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Designing Development Support Infrastructures (Part 3 of 5): Using Active Directory to Support Internal Development

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IT infrastructure architects Nelson Ruest and Danielle Ruest discuss the requirements for special development support infrastructures using Microsoft Windows technologies. This article is the third part of a five-part series. It identifies how to design virtual security environments with Active Directory.
Nelson Ruest and Danielle Ruest are the authors of Preparing for .NET Enterprise Technologies: A Practical Guide for People, PCs, and Processes Interacting in a .NET World (Addison-Wesley, 2001, ISBN 0-201-73487-7).
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In terms of development, mainframe computers have long been seen as being more versatile than Windows systems. One great advantage of mainframes is that you can create separate operating environments within the same computer. Organizations using mainframes often have a production environment along with training and development environments. Each environment is completely segregated from the others. Each operates independently. If one fails, it doesn't bring down the house; it's simply restarted while everyone else goes about their business.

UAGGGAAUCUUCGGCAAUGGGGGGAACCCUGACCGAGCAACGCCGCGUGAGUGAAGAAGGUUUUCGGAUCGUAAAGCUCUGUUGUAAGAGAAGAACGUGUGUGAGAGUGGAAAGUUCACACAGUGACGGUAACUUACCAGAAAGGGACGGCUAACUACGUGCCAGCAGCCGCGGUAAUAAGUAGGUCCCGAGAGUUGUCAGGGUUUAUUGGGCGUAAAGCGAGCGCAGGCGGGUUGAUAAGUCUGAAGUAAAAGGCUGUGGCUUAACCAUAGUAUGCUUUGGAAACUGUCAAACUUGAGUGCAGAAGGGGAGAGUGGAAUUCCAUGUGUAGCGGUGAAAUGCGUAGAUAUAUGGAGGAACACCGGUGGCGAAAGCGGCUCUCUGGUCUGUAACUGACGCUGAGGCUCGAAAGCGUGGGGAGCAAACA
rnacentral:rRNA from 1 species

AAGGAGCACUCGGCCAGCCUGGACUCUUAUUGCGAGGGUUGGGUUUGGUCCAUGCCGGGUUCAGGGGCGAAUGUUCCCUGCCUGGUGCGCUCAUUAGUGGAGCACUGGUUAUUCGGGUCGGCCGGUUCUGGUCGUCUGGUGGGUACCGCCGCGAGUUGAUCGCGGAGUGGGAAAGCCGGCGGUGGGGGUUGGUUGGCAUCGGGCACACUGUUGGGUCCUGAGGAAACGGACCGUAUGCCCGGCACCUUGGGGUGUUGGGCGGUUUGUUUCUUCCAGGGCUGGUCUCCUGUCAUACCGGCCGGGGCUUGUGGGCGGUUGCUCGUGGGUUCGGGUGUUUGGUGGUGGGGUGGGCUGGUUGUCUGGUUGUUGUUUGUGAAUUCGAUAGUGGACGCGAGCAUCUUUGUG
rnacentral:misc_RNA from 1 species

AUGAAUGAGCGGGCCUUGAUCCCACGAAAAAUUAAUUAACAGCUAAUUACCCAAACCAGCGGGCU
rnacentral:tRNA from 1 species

But Windows brings additional support to the developer. A developer using Windows to access a mainframe can open several 3270 sessions, each within its own environment. Using Windows task-switching capabilities, the developer can then simply move from one mainframe session to another, even using Window's cut-and-paste features to link the environments to some degree.

Are mainframes more powerful than Windows to support development? Today, the answer is no, not now that Windows 2000 and Active Directory are available. It's true that with Windows NT, segregating environments while linking them together was complex. Who hasn't had nightmares trying to understand the Windows NT trust system? Well, Windows 2000 is not Windows NT.

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